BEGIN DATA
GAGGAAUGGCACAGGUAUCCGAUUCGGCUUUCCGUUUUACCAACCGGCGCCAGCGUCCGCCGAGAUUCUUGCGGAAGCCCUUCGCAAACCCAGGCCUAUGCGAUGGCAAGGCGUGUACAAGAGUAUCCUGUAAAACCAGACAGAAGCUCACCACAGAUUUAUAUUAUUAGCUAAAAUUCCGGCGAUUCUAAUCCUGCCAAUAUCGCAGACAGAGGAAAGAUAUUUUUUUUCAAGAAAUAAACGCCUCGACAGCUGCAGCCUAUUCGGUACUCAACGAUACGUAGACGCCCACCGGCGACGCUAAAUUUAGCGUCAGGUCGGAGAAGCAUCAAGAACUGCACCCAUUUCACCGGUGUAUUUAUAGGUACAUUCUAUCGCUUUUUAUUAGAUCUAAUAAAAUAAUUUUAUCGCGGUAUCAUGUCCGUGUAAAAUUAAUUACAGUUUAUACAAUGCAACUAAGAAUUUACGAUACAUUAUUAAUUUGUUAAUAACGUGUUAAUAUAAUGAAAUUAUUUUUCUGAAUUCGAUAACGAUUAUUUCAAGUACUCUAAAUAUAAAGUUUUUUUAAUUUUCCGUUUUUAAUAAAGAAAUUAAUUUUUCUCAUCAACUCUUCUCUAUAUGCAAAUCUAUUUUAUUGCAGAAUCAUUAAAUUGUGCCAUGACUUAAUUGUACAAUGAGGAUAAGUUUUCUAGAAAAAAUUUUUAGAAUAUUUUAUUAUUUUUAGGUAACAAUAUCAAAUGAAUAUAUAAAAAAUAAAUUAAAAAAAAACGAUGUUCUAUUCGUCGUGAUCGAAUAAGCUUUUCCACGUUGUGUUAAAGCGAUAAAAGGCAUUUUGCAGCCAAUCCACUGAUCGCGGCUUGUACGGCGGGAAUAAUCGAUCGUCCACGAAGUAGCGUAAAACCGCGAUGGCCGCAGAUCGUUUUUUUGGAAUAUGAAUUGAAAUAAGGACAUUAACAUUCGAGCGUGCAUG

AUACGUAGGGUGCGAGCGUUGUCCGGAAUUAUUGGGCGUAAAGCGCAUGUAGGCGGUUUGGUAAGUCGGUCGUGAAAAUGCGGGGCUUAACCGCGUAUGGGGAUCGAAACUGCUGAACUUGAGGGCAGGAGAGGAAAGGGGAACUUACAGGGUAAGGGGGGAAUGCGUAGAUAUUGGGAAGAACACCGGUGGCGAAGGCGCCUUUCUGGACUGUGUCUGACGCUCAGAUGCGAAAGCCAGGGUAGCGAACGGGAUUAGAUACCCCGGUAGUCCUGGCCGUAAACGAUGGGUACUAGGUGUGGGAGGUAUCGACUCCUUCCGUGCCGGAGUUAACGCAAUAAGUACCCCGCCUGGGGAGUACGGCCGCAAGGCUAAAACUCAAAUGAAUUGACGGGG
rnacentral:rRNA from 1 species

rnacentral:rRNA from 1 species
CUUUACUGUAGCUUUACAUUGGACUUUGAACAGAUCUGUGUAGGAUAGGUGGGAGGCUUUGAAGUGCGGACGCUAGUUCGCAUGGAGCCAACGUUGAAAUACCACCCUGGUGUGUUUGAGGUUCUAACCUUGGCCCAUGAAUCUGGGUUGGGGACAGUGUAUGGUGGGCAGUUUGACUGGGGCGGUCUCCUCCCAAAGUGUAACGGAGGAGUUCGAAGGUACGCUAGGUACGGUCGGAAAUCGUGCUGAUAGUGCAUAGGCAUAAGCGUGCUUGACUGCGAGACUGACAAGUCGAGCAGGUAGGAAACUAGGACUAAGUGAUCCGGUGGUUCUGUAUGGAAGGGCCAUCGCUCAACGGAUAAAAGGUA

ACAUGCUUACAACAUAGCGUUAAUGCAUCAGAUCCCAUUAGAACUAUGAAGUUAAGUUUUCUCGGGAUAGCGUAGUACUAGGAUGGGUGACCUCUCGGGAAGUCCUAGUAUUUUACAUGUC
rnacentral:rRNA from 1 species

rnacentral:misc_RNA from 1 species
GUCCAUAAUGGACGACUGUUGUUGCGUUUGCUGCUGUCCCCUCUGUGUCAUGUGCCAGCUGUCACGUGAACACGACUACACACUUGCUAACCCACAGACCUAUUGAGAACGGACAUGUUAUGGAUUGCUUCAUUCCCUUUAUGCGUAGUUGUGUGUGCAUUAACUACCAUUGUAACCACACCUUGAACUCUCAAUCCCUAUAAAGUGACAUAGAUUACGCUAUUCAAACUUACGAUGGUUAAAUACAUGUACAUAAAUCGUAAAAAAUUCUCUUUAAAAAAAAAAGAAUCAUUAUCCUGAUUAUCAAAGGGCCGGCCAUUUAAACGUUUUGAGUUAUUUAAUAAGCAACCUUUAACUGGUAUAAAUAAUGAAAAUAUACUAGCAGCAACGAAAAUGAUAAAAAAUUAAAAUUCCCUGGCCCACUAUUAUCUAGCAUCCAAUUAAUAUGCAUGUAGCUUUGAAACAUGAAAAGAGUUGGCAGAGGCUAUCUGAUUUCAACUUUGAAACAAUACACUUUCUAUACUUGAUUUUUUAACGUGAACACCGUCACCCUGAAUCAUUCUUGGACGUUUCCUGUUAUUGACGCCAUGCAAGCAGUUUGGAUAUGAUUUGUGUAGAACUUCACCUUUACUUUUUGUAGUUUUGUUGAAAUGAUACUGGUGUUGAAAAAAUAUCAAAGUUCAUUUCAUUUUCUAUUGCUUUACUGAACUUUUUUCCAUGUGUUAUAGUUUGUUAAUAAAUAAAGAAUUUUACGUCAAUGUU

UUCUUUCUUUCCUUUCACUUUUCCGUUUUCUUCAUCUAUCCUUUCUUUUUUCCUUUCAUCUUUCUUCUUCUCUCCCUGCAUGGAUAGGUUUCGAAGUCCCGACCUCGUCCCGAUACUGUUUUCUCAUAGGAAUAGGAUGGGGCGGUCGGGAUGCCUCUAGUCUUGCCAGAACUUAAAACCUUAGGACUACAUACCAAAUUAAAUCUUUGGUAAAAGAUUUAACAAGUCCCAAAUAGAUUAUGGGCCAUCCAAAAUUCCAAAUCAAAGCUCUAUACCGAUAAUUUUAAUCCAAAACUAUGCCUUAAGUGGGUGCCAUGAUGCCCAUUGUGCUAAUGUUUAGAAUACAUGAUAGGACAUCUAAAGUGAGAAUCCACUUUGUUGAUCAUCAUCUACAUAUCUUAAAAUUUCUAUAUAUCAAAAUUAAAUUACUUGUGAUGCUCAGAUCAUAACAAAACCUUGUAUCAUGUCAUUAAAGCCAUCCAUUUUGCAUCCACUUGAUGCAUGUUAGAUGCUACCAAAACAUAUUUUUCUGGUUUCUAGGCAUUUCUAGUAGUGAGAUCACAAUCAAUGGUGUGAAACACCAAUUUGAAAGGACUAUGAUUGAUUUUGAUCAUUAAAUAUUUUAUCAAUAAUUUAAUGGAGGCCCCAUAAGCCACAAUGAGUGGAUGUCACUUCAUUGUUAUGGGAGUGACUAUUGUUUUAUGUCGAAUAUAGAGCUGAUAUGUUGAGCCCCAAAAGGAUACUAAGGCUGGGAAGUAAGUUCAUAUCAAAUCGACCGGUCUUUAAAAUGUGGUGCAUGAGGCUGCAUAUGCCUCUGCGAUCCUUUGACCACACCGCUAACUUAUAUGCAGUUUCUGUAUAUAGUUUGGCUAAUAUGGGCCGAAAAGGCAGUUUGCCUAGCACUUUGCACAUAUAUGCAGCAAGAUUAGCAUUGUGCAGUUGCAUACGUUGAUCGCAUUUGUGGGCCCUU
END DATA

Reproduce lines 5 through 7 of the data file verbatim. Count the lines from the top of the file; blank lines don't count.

CUUUACUGUAGCUUUACAUUGGACUUUGAACAGAUCUGUGUAGGAUAGGUGGGAGGCUUUGAAGUGCGGACGCUAGUUCGCAUGGAGCCAACGUUGAAAUACCACCCUGGUGUGUUUGAGGUUCUAACCUUGGCCCAUGAAUCUGGGUUGGGGACAGUGUAUGGUGGGCAGUUUGACUGGGGCGGUCUCCUCCCAAAGUGUAACGGAGGAGUUCGAAGGUACGCUAGGUACGGUCGGAAAUCGUGCUGAUAGUGCAUAGGCAUAAGCGUGCUUGACUGCGAGACUGACAAGUCGAGCAGGUAGGAAACUAGGACUAAGUGAUCCGGUGGUUCUGUAUGGAAGGGCCAUCGCUCAACGGAUAAAAGGUA

ACAUGCUUACAACAUAGCGUUAAUGCAUCAGAUCCCAUUAGAACUAUGAAGUUAAGUUUUCUCGGGAUAGCGUAGUACUAGGAUGGGUGACCUCUCGGGAAGUCCUAGUAUUUUACAUGUC
rnacentral:rRNA from 1 species